Education and Involvement
- I have a Master of Letters degree in Scottish Folklore from the University of Glasgow's Crichton Campus in Dumfries,
Scotland UK. I graduated in 2011.
- I served as the Warden of the student residence while residing at the Crichton.
- I have a Bachelor of Arts degree in English, emphasis Creative Writing from Western Michigan University
in Michigan USA. I minored in Comparative Religion. I graduated in 2007.
- While in undergrad I was a member of Sigma Tau Delta, a National Honors English organization.
- I made the Deanís List both semesters of my senior year at WMU.
- My current academic focus is the complex relationships between Self and Other and their impact on individuals and society,
through the lens of what I call "folklore to frighten." My dissertation, Buying Spirits: Narratives of Belief and the Importance of Ghost Folklore
concerns the role and impact of ghost experiential lore in contemporary Western society, and explores the narrative patterns surrounding belief.
- I split my allegiance between calling myself a Folklorist and calling myself an Anthropologist. Folklore is my favorite lens and I will always
argue for the value and vitality of story, but culture is what brings motivation and drive to my studies. I essentially seek to discover the ways
humanity as a collective creates community and erodes it, how we come together and why we sometimes tear apart. I believe that in a world which
is always changing and evolving, the strength of humanity and what allows us to thrive is our ability to adapt and change as a unit, using
intelligence and cooperation to allow everyone's skills to form a dynamic whole.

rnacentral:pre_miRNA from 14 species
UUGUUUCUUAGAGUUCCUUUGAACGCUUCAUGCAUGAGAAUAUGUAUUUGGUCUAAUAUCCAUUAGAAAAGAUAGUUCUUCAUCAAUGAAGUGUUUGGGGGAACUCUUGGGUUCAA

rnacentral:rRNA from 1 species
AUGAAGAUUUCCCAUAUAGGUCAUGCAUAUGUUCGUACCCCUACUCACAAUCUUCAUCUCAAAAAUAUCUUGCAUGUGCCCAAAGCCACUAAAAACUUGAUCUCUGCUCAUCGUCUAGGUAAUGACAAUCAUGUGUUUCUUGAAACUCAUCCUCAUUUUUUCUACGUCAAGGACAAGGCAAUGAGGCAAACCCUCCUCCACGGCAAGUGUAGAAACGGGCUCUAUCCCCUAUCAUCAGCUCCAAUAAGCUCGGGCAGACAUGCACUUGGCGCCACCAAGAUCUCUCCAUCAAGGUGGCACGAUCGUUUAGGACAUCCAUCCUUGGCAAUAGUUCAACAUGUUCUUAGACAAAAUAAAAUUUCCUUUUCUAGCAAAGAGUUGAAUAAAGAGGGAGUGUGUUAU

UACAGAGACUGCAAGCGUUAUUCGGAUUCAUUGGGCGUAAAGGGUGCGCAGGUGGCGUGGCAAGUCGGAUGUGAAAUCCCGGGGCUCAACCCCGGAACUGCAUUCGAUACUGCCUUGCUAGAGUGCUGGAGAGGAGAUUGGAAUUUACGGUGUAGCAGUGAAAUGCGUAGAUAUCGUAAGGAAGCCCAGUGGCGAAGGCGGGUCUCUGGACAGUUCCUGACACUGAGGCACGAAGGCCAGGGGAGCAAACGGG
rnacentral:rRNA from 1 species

- Some of the other fields of interest which have influenced my studies and ideas include: behavioral science; cognitive science and articles I have
read on studies of the brain; religion; history; linguistics; and biology/zoology.
- While I think historical context is both fascinating and an important backdrop to greater understanding and grounding,
I like to then focus on contemporary lore and culture, and find insights on ways to improve the future through our modern vehicles of communication,
such as television, film, books, magazines, the internet, and of course oratory. I believe the study of culture and efforts to improve how we relate
and communicate on a larger scale is going to be instrumental in the next few decades as the world transitions faster and faster into an increasingly
global community. Finding ways to approach a more empathic civilization is going to ensure our surviving and thriving for the generations to come.
- Literature and language add dimension to my cultural explorations. The shared rhetoric of belief provides clues to the human fears that
underlie our grief and what we cling to.
- The ostension and performance of ghost and cryptid experiential narratives are another love, as well as the community that forms around
interest in these subjects, especially those who conduct ghost tours, seances, or ghost/cryptid investigation or "hunting." The narrative
aspect of these pursuits and the underlying thread of interest in spite of the variety of belief systems involved that brings sometimes
unlikely people together to share this niche is a lot of fun to analyze.
- I would like to investigate the fascination and desire for immortality in human thought. Whether talking about the idea of literal immortals
like vampires, of an immortal soul, of enduring legacies, or simply the idea that the human race will continue time untold into the future, we
place an enormous value on the idea that we have been and have been, and will be and will be. I'd like to know more about what drives our desire
for eternal continuance, both from a literary and a social viewpoint.
- I also have a fascination for paracosms. I myself have a rich inner world populated with various characters and I like to read about